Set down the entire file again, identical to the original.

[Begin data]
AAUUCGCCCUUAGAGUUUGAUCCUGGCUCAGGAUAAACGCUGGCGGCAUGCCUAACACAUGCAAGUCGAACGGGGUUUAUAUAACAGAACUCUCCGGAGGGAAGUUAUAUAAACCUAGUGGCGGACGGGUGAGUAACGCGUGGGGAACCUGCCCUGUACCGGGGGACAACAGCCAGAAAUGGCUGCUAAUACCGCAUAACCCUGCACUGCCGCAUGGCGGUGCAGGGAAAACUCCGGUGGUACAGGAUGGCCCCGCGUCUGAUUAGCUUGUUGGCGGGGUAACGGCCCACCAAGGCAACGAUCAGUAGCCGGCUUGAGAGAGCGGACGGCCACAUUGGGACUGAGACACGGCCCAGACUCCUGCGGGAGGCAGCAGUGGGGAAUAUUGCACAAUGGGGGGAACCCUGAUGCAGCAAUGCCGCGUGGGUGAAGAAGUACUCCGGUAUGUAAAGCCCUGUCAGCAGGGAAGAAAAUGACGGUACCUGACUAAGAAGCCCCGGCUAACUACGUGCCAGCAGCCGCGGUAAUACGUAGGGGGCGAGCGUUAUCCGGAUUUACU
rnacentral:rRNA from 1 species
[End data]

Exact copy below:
AAUUCGCCCUUAGAGUUUGAUCCUGGCUCAGGAUAAACGCUGGCGGCAUGCCUAACACAUGCAAGUCGAACGGGGUUUAUAUAACAGAACUCUCCGGAGGGAAGUUAUAUAAACCUAGUGGCGGACGGGUGAGUAACGCGUGGGGAACCUGCCCUGUACCGGGGGACAACAGCCAGAAAUGGCUGCUAAUACCGCAUAACCCUGCACUGCCGCAUGGCGGUGCAGGGAAAACUCCGGUGGUACAGGAUGGCCCCGCGUCUGAUUAGCUUGUUGGCGGGGUAACGGCCCACCAAGGCAACGAUCAGUAGCCGGCUUGAGAGAGCGGACGGCCACAUUGGGACUGAGACACGGCCCAGACUCCUGCGGGAGGCAGCAGUGGGGAAUAUUGCACAAUGGGGGGAACCCUGAUGCAGCAAUGCCGCGUGGGUGAAGAAGUACUCCGGUAUGUAAAGCCCUGUCAGCAGGGAAGAAAAUGACGGUACCUGACUAAGAAGCCCCGGCUAACUACGUGCCAGCAGCCGCGGUAAUACGUAGGGGGCGAGCGUUAUCCGGAUUUACU
rnacentral:rRNA from 1 species